The heaven of the thirty-three gods. On the summit of Mount Sumeru is the heaven of the thirty-three gods jrayas-tnmsdhj whose roles are also somewhat mysterious, except for Indra. The summit is an area 80,000 yyanas square, with a peak in each corner 500 yojanas tall, where the Vajra-pani live, demigods calledyaksas. In the middle of that heaven is a city called Lovely View (Sudarsana), 2,yojanas square and \.5yojanas high. Its buildings are made of gold, and its ground is of a cotton-like substance (a cloud, perhaps) called tulapicu. In the center of the city is a palace, 250 yyanas square, called the Palace of Victory (Vaijayanta). Adorned with various kinds of jewels, it is peerless. Here dwells the greatest of the thirty-three gods, Indra (Sakro devanam indrah). The Buddhist Indra, of course, derives from the Brahmanic deity of that name. (See figure 19 for the dwellings of the other thirty-two gods.) There are four parks in the four directions of the city, called Caitra-ratha, Parusya, Misra, and Nandana. These names seem to derive either from the names of their makers or from the names of the trees planted in them. For example, in the Mahabharata, Caitra-ratha is the garden of the god Kubera, made by the gandharva Citra-ratha, one of Indra’s demigod musicians. Parusya might be a garden containing trees like aloe (parusya). In the same source, Nandana appears as the name of Indra’s garden. On the four sides of each of these gardens are pleasure areas, each twenty yojanas distant from its garden. Outside the city on the northeast corner is a tree called a parijata, and on the southwest corner, a hall called Sudharman. The roots of the parijata tree stretch fiftyyojanas into the earth (which is actually sand made up of the four jewels), and its trunk and leaves extend \00 yojanas into the sky. The scent of its flowers and leaves is carried one hundredyojanas in a favorable wind and fifty in an adverse wind.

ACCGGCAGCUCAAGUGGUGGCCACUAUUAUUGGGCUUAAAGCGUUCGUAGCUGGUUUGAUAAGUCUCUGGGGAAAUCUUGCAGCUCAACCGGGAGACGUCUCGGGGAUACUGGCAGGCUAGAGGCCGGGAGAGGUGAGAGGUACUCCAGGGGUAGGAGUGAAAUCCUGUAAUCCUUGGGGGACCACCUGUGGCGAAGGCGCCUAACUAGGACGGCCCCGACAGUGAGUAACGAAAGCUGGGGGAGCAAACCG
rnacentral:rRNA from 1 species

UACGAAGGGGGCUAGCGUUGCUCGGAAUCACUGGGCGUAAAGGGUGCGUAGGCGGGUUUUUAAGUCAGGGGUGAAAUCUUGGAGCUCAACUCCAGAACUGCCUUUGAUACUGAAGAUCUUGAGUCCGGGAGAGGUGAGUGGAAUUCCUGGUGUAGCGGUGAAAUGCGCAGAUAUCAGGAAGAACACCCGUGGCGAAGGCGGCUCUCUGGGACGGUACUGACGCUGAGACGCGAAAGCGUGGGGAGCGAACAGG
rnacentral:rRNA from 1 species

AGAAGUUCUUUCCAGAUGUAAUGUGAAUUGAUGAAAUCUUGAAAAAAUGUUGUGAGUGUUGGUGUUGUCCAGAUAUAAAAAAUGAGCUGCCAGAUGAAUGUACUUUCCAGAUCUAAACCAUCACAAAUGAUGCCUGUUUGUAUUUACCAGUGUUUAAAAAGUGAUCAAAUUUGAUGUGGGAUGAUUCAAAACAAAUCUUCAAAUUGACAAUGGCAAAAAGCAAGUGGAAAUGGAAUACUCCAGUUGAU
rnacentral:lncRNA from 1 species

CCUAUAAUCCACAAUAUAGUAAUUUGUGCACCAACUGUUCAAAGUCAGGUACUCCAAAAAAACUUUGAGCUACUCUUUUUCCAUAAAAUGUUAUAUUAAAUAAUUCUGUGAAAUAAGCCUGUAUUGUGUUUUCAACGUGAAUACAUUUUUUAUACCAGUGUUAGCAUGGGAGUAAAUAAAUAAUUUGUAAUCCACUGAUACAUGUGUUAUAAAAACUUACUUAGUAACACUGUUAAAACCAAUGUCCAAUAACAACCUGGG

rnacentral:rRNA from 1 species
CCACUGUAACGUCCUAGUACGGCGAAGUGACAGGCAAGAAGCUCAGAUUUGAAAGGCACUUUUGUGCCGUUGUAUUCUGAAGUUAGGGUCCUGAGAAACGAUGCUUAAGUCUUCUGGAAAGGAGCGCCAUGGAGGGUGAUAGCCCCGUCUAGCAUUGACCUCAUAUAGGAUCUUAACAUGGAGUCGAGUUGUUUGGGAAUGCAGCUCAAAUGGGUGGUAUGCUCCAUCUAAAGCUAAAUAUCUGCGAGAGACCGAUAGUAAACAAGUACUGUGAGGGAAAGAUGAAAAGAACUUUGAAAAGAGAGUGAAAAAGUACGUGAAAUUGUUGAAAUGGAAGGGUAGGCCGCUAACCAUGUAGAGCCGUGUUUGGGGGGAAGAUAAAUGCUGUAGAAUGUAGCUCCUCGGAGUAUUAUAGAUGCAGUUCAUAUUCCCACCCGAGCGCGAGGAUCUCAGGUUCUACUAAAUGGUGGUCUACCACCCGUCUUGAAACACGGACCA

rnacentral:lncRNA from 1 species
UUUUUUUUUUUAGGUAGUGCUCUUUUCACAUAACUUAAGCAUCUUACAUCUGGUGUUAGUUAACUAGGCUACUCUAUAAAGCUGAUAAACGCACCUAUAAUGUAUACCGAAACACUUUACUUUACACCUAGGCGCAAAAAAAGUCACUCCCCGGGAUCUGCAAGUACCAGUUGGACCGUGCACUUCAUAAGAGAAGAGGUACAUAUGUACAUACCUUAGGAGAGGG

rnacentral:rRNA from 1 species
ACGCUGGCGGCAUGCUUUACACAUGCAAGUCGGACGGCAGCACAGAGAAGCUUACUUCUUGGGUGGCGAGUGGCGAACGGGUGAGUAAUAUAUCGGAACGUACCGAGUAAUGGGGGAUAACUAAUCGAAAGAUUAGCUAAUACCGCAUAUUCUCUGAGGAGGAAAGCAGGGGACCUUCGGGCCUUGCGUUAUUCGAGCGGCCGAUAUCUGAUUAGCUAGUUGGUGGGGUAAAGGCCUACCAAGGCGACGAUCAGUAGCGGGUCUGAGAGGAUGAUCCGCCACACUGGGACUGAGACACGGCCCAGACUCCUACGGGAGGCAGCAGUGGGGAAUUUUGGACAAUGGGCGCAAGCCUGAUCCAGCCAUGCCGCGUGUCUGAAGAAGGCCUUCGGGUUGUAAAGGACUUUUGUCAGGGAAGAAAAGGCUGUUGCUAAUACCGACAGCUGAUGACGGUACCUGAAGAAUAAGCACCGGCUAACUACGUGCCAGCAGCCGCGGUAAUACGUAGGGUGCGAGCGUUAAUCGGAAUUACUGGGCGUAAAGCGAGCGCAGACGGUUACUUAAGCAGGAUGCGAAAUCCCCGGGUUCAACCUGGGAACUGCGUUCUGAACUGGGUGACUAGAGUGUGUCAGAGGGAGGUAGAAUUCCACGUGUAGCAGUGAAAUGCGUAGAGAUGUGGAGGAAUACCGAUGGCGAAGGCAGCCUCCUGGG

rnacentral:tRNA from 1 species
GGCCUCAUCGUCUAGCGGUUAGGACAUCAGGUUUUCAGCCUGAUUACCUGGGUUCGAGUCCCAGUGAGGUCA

The six abodes of the gods of the realm of desire. The abodes of the Four Great Kings and their subordinates and the abode of the thirty-three gods are of the earthly realm, whereas the other four abodes of the gods of the realm of desire belong to the aerial sphere. The inhabitants of all six of these abodes belong to the realm of desire (kama-dhatu), differing little from human beings in their actions, although their power is much greater. Ethically, theirs remains an imperfect existence, for desires still hold them captive. Still, some have proceeded farther along the way of religious training than others. Although they all burn with the flames of the passions, the higher the heaven in which they dwell, the more sublimated is their method of quenching their passion. For example, the gods of the earthly realm (the Four Great Kings and the thirty-three gods) cannot quench their desires without sexual contact, but their passion, unlike men’s, disperses with the ejection not of semen but of wind. In this sense they are considered higher than human beings. In the case of the inhabitants of the four aerial realms, gods in the Yama heaven are able to fulfill their passion through a simple embrace, those in the Tusita heaven through clasping the hands, those in the Nirmana-rati heaven through a smiling glance, and those in the Para-nirmita-vasavartin heaven through a glance alone.